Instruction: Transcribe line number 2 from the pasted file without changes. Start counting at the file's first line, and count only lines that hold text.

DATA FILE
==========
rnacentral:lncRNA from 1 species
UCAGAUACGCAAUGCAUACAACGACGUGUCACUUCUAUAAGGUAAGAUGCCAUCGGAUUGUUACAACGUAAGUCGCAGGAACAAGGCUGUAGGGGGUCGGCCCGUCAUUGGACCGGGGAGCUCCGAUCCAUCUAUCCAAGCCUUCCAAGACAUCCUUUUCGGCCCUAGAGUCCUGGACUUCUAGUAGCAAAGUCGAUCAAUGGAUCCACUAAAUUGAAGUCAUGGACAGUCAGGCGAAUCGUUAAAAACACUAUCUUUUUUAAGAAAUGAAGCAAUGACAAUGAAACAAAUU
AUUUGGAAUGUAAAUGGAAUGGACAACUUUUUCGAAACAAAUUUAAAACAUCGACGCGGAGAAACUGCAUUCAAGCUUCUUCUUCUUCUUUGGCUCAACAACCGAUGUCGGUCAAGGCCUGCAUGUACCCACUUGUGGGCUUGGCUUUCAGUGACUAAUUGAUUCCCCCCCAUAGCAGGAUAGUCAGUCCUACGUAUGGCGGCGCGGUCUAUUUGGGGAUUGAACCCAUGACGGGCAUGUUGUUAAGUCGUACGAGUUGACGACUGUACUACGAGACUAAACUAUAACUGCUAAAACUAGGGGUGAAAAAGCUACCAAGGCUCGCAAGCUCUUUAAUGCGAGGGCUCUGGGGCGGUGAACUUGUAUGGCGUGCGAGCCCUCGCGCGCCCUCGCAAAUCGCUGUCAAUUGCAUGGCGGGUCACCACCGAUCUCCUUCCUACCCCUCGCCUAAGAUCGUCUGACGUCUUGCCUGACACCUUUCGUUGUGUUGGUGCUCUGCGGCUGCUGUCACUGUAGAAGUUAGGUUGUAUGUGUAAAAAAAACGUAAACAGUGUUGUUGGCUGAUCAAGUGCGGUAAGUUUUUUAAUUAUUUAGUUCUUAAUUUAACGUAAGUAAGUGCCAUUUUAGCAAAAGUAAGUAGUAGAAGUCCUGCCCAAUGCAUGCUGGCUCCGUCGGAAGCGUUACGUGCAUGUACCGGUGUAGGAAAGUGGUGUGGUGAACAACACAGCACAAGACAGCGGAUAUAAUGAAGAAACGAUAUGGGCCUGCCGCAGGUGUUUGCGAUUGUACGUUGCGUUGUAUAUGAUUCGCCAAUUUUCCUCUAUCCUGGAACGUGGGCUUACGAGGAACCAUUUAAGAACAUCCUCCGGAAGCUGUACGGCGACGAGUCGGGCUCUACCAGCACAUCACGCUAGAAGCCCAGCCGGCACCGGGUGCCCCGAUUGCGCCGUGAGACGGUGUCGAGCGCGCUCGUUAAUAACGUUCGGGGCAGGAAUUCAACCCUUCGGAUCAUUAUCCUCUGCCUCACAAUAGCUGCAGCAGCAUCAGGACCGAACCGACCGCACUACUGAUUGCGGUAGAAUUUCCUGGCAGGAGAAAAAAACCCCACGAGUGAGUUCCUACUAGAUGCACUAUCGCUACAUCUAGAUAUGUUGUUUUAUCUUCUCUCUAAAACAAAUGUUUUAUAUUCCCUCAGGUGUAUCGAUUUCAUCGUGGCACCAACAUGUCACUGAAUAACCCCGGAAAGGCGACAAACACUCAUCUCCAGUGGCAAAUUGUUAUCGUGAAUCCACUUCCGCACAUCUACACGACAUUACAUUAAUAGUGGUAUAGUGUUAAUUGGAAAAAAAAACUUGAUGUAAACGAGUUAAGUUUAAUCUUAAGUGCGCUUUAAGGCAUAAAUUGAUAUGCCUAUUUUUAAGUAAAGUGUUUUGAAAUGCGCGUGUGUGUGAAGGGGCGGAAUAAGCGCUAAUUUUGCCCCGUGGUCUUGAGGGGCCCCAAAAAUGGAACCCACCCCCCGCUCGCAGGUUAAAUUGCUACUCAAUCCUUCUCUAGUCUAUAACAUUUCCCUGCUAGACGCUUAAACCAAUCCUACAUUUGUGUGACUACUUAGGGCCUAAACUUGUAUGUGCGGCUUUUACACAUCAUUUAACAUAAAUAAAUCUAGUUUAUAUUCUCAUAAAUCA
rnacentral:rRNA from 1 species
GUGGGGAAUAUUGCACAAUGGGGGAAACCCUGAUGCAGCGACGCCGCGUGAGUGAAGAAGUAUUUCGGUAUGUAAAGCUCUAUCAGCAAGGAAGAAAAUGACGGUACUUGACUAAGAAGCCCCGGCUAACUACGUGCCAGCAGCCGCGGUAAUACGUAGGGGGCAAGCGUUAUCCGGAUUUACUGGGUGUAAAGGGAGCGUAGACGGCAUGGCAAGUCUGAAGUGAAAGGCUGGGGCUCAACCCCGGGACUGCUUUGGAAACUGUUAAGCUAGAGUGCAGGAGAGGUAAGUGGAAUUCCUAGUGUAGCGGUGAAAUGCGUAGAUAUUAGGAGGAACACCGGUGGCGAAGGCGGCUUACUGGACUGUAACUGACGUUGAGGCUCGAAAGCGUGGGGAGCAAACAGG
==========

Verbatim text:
UCAGAUACGCAAUGCAUACAACGACGUGUCACUUCUAUAAGGUAAGAUGCCAUCGGAUUGUUACAACGUAAGUCGCAGGAACAAGGCUGUAGGGGGUCGGCCCGUCAUUGGACCGGGGAGCUCCGAUCCAUCUAUCCAAGCCUUCCAAGACAUCCUUUUCGGCCCUAGAGUCCUGGACUUCUAGUAGCAAAGUCGAUCAAUGGAUCCACUAAAUUGAAGUCAUGGACAGUCAGGCGAAUCGUUAAAAACACUAUCUUUUUUAAGAAAUGAAGCAAUGACAAUGAAACAAAUU